This refers to your article ‘WRD Minister appeals to stop loud music in Anjuna’ (Herald, 12 March).
In addition to the loud music, could they please also prevent the buses plying between Chapora, Anjuna to the towns from using the piercing pressure horns, which disturb villagers from early morning till 9 pm. Babies get up with a start, old people shudder. Nowhere is the noise level from vehicles so loud. Please address this issue on an urgent level also.
Your editorial “Election shadow on Holy Week” is timely and self-explanatory with respect to the April 23, fixed for holding Parliamentary election in Goa. You have rightly risen up to the occasion by taking up the issue, thereby fulfilling an important social responsibility towards the Christian community.
Undoubtedly the faithful of this community will be handicapped in participating actively in the electioneering process as they will be fulfilling their religious obligations during the Holy Week as well as celebration of Easter festivities that falls on April 21.
This is totally unfair and could have been avoided. The Election Commission and other local officials should have been more sensitive and careful while fixing the election date in Goa. It was not a complicated task to choose a date that was convenient to the voters of the largest minority of Goa. Nevertheless it's not yet late to rectify the error by suitably changing the date.
During those good old days, in the Lent season, Motets were very popular in our churches. Motet is the sorrowful song in Latin, of the sufferings of Jesus Christ with sad tune, however, in mid-sixties Motets were translated in Konkani in Goa and in the translation process lost much of its original beauty. The original Motet in Latin was very pleasing to the ears and without understanding its meaning, only by listening to its sad tune made some listeners even roll their tears down their cheeks. It is sung in voices and accompanied by the musical instruments namely double bass, violin, carinet and trumpet.
Motets are the great heritage of Goan Catholicism but unfortunately it seems Motets are dying now which should be prevented by the Church authorities in Goa. During my younger days where I did my first schooling in the Parochial school in our village, our Church Mistiri had vast knowledge of “Solfas” written on 5 lines and the Motets are recorded in this form of Solfas.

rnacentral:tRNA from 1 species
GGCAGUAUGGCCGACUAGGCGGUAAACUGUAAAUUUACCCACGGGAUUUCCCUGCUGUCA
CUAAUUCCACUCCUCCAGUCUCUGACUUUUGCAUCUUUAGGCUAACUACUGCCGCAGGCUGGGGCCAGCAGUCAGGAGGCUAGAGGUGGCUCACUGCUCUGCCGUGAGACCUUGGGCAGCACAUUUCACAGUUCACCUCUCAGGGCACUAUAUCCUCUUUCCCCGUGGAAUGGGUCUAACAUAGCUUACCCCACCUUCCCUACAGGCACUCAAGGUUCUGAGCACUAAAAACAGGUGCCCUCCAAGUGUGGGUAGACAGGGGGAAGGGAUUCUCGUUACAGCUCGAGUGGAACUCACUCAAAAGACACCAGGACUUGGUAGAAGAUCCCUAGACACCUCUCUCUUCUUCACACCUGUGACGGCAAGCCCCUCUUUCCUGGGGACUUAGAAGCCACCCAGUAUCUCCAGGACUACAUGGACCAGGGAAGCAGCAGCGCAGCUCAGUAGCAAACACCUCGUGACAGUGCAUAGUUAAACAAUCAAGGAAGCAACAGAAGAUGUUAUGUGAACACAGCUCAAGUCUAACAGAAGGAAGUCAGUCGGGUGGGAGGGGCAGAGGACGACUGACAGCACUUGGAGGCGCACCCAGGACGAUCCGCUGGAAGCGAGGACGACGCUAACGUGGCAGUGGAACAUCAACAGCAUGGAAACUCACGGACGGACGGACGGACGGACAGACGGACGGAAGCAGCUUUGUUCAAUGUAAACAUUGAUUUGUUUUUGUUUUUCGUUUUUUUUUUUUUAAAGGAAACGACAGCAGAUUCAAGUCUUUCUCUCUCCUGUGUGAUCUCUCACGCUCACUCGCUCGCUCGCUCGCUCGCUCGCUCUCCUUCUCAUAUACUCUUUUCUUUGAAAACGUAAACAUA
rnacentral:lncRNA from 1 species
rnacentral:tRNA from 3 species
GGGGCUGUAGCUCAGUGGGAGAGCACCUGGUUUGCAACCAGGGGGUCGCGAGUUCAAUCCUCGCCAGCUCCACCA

Our current local boys and girls playing organ and guitar in the Church are have little knowledge of Solfas and thus they are unable to promote neither Motets nor other rich devotional songs that used to reverberate the four walls of our Churches. Much of our wealth in the form of devotional songs including Motets remained hidden in the Church armory in the absence of properly qualified Mistiri who must be employed like earlier days. The fund for their salaries can be easily accumulated as it is done now for so many other causes.
A.Veronica Fernandes, Candolim
People in India appear to be inordinately enthusiastic and passionate about cricket. As a result of this, other sports are neglected; hence, India has not achieved much in the field of other sports.
In football, athletics, gymnastics, badminton, lawn tennis, hockey and boxing, our players have not been able to achieve much. If similar attention is paid to other sports as well, our players can do equally well in other sports too.
Hence, I would like to appeal to the Government and the people to look into it and promote other sports as well. More facilities must be provided for all the sports.